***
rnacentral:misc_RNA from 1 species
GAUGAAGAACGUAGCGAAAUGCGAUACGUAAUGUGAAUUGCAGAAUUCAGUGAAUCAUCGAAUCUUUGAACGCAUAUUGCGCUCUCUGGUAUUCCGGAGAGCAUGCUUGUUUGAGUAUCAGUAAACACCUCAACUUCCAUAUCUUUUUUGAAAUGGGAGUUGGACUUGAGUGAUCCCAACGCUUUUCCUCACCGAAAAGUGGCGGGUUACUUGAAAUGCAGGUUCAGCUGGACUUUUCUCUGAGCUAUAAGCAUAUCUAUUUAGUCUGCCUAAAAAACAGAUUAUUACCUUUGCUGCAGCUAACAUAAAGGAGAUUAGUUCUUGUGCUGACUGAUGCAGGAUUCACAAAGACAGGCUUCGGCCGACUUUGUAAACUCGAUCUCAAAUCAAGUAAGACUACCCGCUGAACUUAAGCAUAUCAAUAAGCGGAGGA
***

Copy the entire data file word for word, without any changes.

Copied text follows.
rnacentral:misc_RNA from 1 species
GAUGAAGAACGUAGCGAAAUGCGAUACGUAAUGUGAAUUGCAGAAUUCAGUGAAUCAUCGAAUCUUUGAACGCAUAUUGCGCUCUCUGGUAUUCCGGAGAGCAUGCUUGUUUGAGUAUCAGUAAACACCUCAACUUCCAUAUCUUUUUUGAAAUGGGAGUUGGACUUGAGUGAUCCCAACGCUUUUCCUCACCGAAAAGUGGCGGGUUACUUGAAAUGCAGGUUCAGCUGGACUUUUCUCUGAGCUAUAAGCAUAUCUAUUUAGUCUGCCUAAAAAACAGAUUAUUACCUUUGCUGCAGCUAACAUAAAGGAGAUUAGUUCUUGUGCUGACUGAUGCAGGAUUCACAAAGACAGGCUUCGGCCGACUUUGUAAACUCGAUCUCAAAUCAAGUAAGACUACCCGCUGAACUUAAGCAUAUCAAUAAGCGGAGGA